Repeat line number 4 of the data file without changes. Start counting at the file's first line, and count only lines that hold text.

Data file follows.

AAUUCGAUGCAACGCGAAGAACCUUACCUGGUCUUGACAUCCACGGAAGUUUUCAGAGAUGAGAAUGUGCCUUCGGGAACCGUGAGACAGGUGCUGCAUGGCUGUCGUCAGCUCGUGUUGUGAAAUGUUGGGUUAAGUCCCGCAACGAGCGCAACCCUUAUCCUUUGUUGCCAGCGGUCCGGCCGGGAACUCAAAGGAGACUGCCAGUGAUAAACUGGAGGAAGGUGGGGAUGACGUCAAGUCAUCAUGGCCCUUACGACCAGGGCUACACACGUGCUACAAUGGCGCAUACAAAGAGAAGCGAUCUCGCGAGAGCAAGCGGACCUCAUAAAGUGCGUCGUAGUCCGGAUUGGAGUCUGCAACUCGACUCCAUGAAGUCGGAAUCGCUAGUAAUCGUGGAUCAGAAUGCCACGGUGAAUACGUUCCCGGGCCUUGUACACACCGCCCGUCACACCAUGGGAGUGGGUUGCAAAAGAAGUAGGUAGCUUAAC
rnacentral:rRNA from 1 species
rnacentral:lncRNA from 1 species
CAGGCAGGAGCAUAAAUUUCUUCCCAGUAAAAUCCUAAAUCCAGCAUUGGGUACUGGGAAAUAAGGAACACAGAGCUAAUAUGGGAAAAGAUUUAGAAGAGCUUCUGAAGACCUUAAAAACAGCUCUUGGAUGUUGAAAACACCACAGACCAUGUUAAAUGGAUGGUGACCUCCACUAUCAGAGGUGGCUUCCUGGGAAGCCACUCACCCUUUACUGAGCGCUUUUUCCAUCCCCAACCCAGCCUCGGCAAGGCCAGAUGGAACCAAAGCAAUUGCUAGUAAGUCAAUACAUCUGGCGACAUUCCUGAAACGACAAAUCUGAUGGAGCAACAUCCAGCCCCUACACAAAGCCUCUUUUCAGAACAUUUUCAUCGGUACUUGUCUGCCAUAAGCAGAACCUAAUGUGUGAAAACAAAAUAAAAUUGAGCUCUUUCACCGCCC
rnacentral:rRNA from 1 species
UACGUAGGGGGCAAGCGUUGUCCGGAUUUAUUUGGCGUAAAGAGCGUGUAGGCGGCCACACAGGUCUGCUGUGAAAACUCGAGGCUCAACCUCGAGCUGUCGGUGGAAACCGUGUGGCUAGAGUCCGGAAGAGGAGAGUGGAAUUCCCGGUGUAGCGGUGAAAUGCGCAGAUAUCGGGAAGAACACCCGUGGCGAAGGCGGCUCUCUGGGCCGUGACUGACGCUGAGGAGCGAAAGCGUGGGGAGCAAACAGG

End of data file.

CAGGCAGGAGCAUAAAUUUCUUCCCAGUAAAAUCCUAAAUCCAGCAUUGGGUACUGGGAAAUAAGGAACACAGAGCUAAUAUGGGAAAAGAUUUAGAAGAGCUUCUGAAGACCUUAAAAACAGCUCUUGGAUGUUGAAAACACCACAGACCAUGUUAAAUGGAUGGUGACCUCCACUAUCAGAGGUGGCUUCCUGGGAAGCCACUCACCCUUUACUGAGCGCUUUUUCCAUCCCCAACCCAGCCUCGGCAAGGCCAGAUGGAACCAAAGCAAUUGCUAGUAAGUCAAUACAUCUGGCGACAUUCCUGAAACGACAAAUCUGAUGGAGCAACAUCCAGCCCCUACACAAAGCCUCUUUUCAGAACAUUUUCAUCGGUACUUGUCUGCCAUAAGCAGAACCUAAUGUGUGAAAACAAAAUAAAAUUGAGCUCUUUCACCGCCC